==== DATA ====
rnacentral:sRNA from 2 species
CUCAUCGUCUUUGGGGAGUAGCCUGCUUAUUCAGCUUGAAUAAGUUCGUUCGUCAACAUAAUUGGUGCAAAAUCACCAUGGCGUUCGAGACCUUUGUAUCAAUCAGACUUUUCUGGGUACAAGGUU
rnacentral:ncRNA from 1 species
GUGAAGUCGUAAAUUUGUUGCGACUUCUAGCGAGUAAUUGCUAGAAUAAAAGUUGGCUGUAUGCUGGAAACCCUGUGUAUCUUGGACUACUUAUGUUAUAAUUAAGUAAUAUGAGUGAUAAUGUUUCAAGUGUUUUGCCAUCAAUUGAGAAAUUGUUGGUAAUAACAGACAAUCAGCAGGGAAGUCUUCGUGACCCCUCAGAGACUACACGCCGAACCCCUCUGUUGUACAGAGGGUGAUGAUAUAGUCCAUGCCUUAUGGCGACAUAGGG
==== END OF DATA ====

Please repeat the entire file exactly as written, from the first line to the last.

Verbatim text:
rnacentral:sRNA from 2 species
CUCAUCGUCUUUGGGGAGUAGCCUGCUUAUUCAGCUUGAAUAAGUUCGUUCGUCAACAUAAUUGGUGCAAAAUCACCAUGGCGUUCGAGACCUUUGUAUCAAUCAGACUUUUCUGGGUACAAGGUU
rnacentral:ncRNA from 1 species
GUGAAGUCGUAAAUUUGUUGCGACUUCUAGCGAGUAAUUGCUAGAAUAAAAGUUGGCUGUAUGCUGGAAACCCUGUGUAUCUUGGACUACUUAUGUUAUAAUUAAGUAAUAUGAGUGAUAAUGUUUCAAGUGUUUUGCCAUCAAUUGAGAAAUUGUUGGUAAUAACAGACAAUCAGCAGGGAAGUCUUCGUGACCCCUCAGAGACUACACGCCGAACCCCUCUGUUGUACAGAGGGUGAUGAUAUAGUCCAUGCCUUAUGGCGACAUAGGG